Overcoming the Stigma of Male Spousal Support

Overcoming the Stigma of Male Spousal SupportIt is increasingly common for women to be the breadwinner in marriages, while more husbands are choosing to be stay-at-home dads. Societal norms are changing so that marriage roles are more independent from gender. Gender norms have also changed in divorce. Whereas it was once assumed that the husband would pay spousal support to the wife, more courts are awarding spousal support to men. However, statistics suggest that a significant number of men are eligible for spousal support but do not receive it. Because Illinois law does not distinguish between genders in determining spousal support, there should be no legal reason for this. Society’s lingering gender bias is likely the reason more divorced men do not receive spousal support.

Male Pride

Some men believe that receiving spousal support payments from their former wives would emasculate them. Through their experiences witnessing other marriages growing up, they may have learned that:

  • Men are supposed to be providers with steady jobs;
  • Women make less income because their primary responsibilities are at home; and
  • After a divorce, men should be earning more money because they have focused on their careers.

When a man is entitled to spousal support, his pride may convince him to reject it. He may feel that it is the woman’s role to receive spousal support and that a “real man” does not rely on his former wife’s money. This is putting emotions ahead of common sense. Men and women have the right to reject spousal support. Some people feel empowered by financially freeing themselves from their spouses. However, it is foolish to reject spousal support because you think it makes you less of a man.

Female Expectations

Some women embrace gender equality in their marriages but favor traditional gender roles during a divorce. A woman with a higher income than her husband may:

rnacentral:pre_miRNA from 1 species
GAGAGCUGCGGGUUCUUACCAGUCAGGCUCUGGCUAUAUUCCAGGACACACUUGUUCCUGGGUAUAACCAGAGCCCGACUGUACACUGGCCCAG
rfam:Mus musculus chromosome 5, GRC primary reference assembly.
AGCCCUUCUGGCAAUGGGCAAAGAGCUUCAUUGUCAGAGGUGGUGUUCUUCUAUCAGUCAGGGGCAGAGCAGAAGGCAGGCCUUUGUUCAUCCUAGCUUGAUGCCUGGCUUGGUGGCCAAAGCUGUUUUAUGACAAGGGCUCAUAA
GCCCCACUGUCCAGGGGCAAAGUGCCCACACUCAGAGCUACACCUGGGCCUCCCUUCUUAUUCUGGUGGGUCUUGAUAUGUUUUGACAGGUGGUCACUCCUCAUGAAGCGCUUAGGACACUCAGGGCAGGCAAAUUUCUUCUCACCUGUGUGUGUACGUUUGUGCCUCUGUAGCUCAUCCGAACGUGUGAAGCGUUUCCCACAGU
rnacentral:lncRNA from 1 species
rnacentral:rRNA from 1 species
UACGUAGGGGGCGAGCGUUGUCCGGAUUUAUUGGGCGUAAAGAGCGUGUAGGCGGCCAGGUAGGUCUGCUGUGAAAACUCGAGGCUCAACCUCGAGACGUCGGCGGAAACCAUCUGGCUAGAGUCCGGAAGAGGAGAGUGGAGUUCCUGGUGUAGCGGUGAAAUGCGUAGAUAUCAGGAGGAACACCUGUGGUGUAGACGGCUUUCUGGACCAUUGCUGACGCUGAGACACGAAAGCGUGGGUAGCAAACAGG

• Argue against paying spousal support; and
  • Demand that the husband make support payments to her.

Women may believe they are always entitled to spousal support, especially if they have primary allocation of parental responsibilities. Mothers can receive child support from their former husbands, while still being required to pay spousal support. A woman’s success in arguing against spousal support may depend on any judicial bias in court. A biased judge may favor traditional gender roles in a divorce, even though spousal support is gender neutral.

Receiving Support

Spousal support for men is a result of gender equality, though some people cling to their gender biases. A Kane County divorce attorney with Goostree Law Group can help clients of any gender receive the post-divorce support payments they deserve. Call 630-584-4800 for a free consultation.

Source:

https://www.forbes.com/sites/emmajohnson/2014/11/20/why-do-so-few-men-get-alimony/#1d4fac9954b9

Goostree Law Group

Goostree Law Group

 555 S. Randall Road, Suite 200
St. Charles, IL 60174

 630-584-4800

 400 S. County Farm Road, Suite 300
Wheaton, IL 60187

 630-407-1777

Our Illinois divorce attorneys represent clients in Kane County, DuPage County, Kendall County and DeKalb County, including Geneva, Batavia, St.Charles, Wayne, Wasco, Elburn, Virgil, Lily Lake, Aurora, North Aurora, Elgin, South Elgin, Bartlett, Crystal Lake, Gilberts, Millcreek, Maple Park, Kaneville, LaFox, Yorkville, Oswego, Plano, Sugar Grove, Big Rock, Bristol, Newark, DeKalb, Sycamore, Naperville, Wheaton, West Chicago, Winfield, Warrenville, Downers Grove, Lombard, Oak Brook, Streamwood, Hoffman Estates, Barrington, South Barrington, Lake Barrington, Schaumburg, Big Grove, Boulder Hill, Bristol, Joliet, Kendall, Lisbon, Minooka, Montgomery, Plainfield, Sandwich, Yorkville and many other cities.

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